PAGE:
Contrary to popular belief, the “messier” a river is, the better its health, fluvial geomorphologist Ellen Wohl, Ph.D. said in her Sagan National Colloquium lecture Tuesday.
“People often think that a messy river, one with downed trees, beaver dams, and all kinds of brush in them are bad, but in fact they are the healthiest kind of river,” she said.
Logjams, Wohl explains, are man made obstructions in rivers or streams to control or manipulate the flow of water or species.
“I’ve been camping and hiking along the rivers in Colorado, and this lecture taught me a lot of things that I had never even thought of,” said Delaware resident Bob Tannehill. “I never knew that logjams could actually benefit a river system,” he added.
Wohl said she hoped that her next project would be to study the river deltas in central Alaska on the Yukon River. However, she said that she was still waiting to find out if she would have funding from the National Science Foundation to fund her research.
“My most rewarding experience is when I go out in the field with a new group of grad students, because I get to collaborate with them to help them to use what they have learned in the classroom in the real world for the first time,” Wohl said in an interview after the lecture.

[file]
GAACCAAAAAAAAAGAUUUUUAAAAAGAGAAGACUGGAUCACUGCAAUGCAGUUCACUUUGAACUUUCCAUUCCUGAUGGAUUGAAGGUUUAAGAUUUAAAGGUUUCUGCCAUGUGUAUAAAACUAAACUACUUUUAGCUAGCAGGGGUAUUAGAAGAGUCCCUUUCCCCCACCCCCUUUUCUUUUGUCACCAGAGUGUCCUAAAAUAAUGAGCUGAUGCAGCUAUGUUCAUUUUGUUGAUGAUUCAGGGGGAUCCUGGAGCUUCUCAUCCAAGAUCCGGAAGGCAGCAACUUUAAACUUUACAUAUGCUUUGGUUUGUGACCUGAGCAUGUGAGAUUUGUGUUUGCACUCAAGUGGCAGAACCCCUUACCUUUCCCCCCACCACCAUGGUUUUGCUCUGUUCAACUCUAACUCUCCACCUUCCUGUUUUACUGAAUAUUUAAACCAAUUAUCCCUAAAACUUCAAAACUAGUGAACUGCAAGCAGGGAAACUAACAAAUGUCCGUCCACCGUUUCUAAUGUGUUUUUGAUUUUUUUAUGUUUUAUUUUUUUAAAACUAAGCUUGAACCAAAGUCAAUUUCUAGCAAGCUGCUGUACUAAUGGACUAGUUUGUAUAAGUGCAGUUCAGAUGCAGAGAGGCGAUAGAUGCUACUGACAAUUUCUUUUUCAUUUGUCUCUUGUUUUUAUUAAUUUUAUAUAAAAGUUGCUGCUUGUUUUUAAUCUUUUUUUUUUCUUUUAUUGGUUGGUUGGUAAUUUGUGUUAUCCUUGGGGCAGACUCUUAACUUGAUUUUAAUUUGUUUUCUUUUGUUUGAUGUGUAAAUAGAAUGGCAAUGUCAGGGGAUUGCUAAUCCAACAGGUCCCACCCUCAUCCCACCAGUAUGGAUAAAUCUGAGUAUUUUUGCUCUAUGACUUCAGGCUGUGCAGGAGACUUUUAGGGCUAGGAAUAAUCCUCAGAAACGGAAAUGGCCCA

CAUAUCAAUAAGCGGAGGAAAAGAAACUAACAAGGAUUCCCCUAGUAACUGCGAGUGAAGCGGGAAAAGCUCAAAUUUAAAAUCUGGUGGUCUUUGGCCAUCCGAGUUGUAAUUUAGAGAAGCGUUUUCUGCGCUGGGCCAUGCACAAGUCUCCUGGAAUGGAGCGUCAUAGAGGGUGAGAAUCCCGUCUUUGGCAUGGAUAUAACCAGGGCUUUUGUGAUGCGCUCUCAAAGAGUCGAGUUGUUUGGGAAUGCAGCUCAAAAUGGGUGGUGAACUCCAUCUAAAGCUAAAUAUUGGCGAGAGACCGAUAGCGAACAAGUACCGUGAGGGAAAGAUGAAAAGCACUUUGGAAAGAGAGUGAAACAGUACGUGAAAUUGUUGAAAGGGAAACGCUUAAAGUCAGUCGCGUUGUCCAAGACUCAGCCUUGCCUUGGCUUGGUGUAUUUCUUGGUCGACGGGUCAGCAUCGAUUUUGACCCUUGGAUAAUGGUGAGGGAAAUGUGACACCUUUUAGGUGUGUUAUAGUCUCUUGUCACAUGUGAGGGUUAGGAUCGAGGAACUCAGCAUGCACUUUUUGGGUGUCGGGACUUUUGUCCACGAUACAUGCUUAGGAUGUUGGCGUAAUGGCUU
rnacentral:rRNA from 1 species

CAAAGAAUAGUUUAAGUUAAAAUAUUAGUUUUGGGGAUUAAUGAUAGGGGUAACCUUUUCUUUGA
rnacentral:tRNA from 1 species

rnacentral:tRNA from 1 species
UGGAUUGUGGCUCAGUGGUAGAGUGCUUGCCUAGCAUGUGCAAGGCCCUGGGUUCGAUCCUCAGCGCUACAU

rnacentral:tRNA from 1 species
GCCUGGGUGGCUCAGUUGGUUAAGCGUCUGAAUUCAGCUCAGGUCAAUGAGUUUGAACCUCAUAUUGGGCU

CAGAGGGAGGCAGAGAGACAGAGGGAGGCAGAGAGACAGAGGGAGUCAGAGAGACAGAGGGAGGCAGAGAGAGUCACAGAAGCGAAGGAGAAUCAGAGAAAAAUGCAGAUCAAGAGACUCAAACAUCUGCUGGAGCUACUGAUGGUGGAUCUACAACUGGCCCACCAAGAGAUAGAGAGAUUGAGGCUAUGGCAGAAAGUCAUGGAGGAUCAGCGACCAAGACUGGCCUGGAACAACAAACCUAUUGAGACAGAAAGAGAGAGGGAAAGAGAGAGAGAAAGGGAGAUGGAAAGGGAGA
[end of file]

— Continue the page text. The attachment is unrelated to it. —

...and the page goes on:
OWU history professor Ellen Arnold, organizer of this year’s colloquium, said she hopes Tuesday’s lecture gave students and Delaware residents some insight into what an in depth scientific lecture was like.
“Since this is a liberal arts school, I wanted to invite speakers from different disciplines to speak on a variety of different topics, all of which tie back to water,” she said.
According to the colloquium’s website, “Ohio Wesleyan University’s Sagan National Colloquium annually explores an issue of national and international significance from multiple educational angles. The Colloquium forges links between liberal arts learning and the lifelong civic art of informed, involved citizenship.”
The next speaker will be Sharon Day, who will be speakon the use of water in religion and ritual on October 21.